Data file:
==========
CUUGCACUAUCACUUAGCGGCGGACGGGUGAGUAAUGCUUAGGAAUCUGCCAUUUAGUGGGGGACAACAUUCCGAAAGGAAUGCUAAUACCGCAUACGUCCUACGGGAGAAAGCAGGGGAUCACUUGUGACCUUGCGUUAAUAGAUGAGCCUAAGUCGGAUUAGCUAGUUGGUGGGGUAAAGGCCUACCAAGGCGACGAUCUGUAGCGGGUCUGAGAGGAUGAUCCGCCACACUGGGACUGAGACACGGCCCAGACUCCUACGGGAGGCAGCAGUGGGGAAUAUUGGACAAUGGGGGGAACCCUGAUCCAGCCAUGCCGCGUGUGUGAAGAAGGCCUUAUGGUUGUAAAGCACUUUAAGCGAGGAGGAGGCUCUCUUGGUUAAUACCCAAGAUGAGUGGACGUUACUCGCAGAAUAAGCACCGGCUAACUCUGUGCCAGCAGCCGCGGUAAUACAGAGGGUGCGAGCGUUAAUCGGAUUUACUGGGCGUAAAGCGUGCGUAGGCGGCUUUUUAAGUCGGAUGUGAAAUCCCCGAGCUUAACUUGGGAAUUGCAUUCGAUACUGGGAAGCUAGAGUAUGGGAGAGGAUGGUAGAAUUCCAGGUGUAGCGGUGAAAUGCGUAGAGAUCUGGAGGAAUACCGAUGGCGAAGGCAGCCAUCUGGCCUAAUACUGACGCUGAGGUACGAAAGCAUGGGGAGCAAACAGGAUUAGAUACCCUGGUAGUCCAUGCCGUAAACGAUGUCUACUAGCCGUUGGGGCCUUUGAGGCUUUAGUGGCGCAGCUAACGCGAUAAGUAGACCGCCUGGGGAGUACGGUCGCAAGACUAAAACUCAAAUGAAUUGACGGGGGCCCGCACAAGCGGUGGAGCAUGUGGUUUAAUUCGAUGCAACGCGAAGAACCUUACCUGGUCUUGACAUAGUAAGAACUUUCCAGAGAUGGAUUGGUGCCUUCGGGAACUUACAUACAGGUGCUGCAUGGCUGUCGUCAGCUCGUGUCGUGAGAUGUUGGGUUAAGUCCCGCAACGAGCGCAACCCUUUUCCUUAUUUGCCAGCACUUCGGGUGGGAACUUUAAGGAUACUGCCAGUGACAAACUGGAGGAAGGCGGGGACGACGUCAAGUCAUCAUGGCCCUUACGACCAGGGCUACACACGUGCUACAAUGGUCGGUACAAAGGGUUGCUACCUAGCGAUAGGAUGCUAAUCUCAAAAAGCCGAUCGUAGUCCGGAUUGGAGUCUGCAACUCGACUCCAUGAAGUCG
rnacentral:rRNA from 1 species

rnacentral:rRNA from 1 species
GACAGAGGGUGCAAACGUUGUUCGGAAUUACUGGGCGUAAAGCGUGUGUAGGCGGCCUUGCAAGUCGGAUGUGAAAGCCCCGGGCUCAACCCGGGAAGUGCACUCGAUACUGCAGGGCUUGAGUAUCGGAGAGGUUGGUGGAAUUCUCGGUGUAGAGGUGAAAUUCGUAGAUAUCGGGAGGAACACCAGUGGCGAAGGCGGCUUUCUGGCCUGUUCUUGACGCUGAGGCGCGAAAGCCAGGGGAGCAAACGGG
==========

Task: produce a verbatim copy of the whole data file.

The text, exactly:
CUUGCACUAUCACUUAGCGGCGGACGGGUGAGUAAUGCUUAGGAAUCUGCCAUUUAGUGGGGGACAACAUUCCGAAAGGAAUGCUAAUACCGCAUACGUCCUACGGGAGAAAGCAGGGGAUCACUUGUGACCUUGCGUUAAUAGAUGAGCCUAAGUCGGAUUAGCUAGUUGGUGGGGUAAAGGCCUACCAAGGCGACGAUCUGUAGCGGGUCUGAGAGGAUGAUCCGCCACACUGGGACUGAGACACGGCCCAGACUCCUACGGGAGGCAGCAGUGGGGAAUAUUGGACAAUGGGGGGAACCCUGAUCCAGCCAUGCCGCGUGUGUGAAGAAGGCCUUAUGGUUGUAAAGCACUUUAAGCGAGGAGGAGGCUCUCUUGGUUAAUACCCAAGAUGAGUGGACGUUACUCGCAGAAUAAGCACCGGCUAACUCUGUGCCAGCAGCCGCGGUAAUACAGAGGGUGCGAGCGUUAAUCGGAUUUACUGGGCGUAAAGCGUGCGUAGGCGGCUUUUUAAGUCGGAUGUGAAAUCCCCGAGCUUAACUUGGGAAUUGCAUUCGAUACUGGGAAGCUAGAGUAUGGGAGAGGAUGGUAGAAUUCCAGGUGUAGCGGUGAAAUGCGUAGAGAUCUGGAGGAAUACCGAUGGCGAAGGCAGCCAUCUGGCCUAAUACUGACGCUGAGGUACGAAAGCAUGGGGAGCAAACAGGAUUAGAUACCCUGGUAGUCCAUGCCGUAAACGAUGUCUACUAGCCGUUGGGGCCUUUGAGGCUUUAGUGGCGCAGCUAACGCGAUAAGUAGACCGCCUGGGGAGUACGGUCGCAAGACUAAAACUCAAAUGAAUUGACGGGGGCCCGCACAAGCGGUGGAGCAUGUGGUUUAAUUCGAUGCAACGCGAAGAACCUUACCUGGUCUUGACAUAGUAAGAACUUUCCAGAGAUGGAUUGGUGCCUUCGGGAACUUACAUACAGGUGCUGCAUGGCUGUCGUCAGCUCGUGUCGUGAGAUGUUGGGUUAAGUCCCGCAACGAGCGCAACCCUUUUCCUUAUUUGCCAGCACUUCGGGUGGGAACUUUAAGGAUACUGCCAGUGACAAACUGGAGGAAGGCGGGGACGACGUCAAGUCAUCAUGGCCCUUACGACCAGGGCUACACACGUGCUACAAUGGUCGGUACAAAGGGUUGCUACCUAGCGAUAGGAUGCUAAUCUCAAAAAGCCGAUCGUAGUCCGGAUUGGAGUCUGCAACUCGACUCCAUGAAGUCG
rnacentral:rRNA from 1 species

rnacentral:rRNA from 1 species
GACAGAGGGUGCAAACGUUGUUCGGAAUUACUGGGCGUAAAGCGUGUGUAGGCGGCCUUGCAAGUCGGAUGUGAAAGCCCCGGGCUCAACCCGGGAAGUGCACUCGAUACUGCAGGGCUUGAGUAUCGGAGAGGUUGGUGGAAUUCUCGGUGUAGAGGUGAAAUUCGUAGAUAUCGGGAGGAACACCAGUGGCGAAGGCGGCUUUCUGGCCUGUUCUUGACGCUGAGGCGCGAAAGCCAGGGGAGCAAACGGG